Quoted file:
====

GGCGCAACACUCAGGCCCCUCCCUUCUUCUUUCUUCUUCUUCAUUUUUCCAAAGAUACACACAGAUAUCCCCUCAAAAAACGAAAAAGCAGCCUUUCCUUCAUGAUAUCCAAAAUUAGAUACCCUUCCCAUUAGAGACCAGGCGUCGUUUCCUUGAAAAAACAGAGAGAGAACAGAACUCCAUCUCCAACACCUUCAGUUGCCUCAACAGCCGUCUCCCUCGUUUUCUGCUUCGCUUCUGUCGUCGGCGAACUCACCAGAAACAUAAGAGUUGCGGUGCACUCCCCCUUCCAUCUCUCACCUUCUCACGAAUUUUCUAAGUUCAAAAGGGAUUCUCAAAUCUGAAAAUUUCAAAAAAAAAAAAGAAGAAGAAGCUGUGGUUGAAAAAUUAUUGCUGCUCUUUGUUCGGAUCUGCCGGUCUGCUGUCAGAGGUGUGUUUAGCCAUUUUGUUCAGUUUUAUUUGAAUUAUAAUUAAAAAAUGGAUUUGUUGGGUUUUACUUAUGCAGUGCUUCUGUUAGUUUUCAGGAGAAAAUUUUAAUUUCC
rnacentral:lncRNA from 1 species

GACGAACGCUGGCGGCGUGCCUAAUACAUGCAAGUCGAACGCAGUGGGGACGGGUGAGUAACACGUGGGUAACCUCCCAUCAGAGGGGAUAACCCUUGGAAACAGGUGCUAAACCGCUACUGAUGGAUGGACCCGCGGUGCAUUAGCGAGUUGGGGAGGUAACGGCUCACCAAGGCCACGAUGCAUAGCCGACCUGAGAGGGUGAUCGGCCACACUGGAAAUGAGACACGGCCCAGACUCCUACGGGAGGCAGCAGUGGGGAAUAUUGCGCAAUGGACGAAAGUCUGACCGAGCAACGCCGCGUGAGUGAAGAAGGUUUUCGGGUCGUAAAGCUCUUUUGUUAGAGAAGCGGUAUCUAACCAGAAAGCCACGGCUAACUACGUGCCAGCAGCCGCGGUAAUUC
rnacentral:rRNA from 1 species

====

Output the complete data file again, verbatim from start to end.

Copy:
GGCGCAACACUCAGGCCCCUCCCUUCUUCUUUCUUCUUCUUCAUUUUUCCAAAGAUACACACAGAUAUCCCCUCAAAAAACGAAAAAGCAGCCUUUCCUUCAUGAUAUCCAAAAUUAGAUACCCUUCCCAUUAGAGACCAGGCGUCGUUUCCUUGAAAAAACAGAGAGAGAACAGAACUCCAUCUCCAACACCUUCAGUUGCCUCAACAGCCGUCUCCCUCGUUUUCUGCUUCGCUUCUGUCGUCGGCGAACUCACCAGAAACAUAAGAGUUGCGGUGCACUCCCCCUUCCAUCUCUCACCUUCUCACGAAUUUUCUAAGUUCAAAAGGGAUUCUCAAAUCUGAAAAUUUCAAAAAAAAAAAAGAAGAAGAAGCUGUGGUUGAAAAAUUAUUGCUGCUCUUUGUUCGGAUCUGCCGGUCUGCUGUCAGAGGUGUGUUUAGCCAUUUUGUUCAGUUUUAUUUGAAUUAUAAUUAAAAAAUGGAUUUGUUGGGUUUUACUUAUGCAGUGCUUCUGUUAGUUUUCAGGAGAAAAUUUUAAUUUCC
rnacentral:lncRNA from 1 species

GACGAACGCUGGCGGCGUGCCUAAUACAUGCAAGUCGAACGCAGUGGGGACGGGUGAGUAACACGUGGGUAACCUCCCAUCAGAGGGGAUAACCCUUGGAAACAGGUGCUAAACCGCUACUGAUGGAUGGACCCGCGGUGCAUUAGCGAGUUGGGGAGGUAACGGCUCACCAAGGCCACGAUGCAUAGCCGACCUGAGAGGGUGAUCGGCCACACUGGAAAUGAGACACGGCCCAGACUCCUACGGGAGGCAGCAGUGGGGAAUAUUGCGCAAUGGACGAAAGUCUGACCGAGCAACGCCGCGUGAGUGAAGAAGGUUUUCGGGUCGUAAAGCUCUUUUGUUAGAGAAGCGGUAUCUAACCAGAAAGCCACGGCUAACUACGUGCCAGCAGCCGCGGUAAUUC
rnacentral:rRNA from 1 species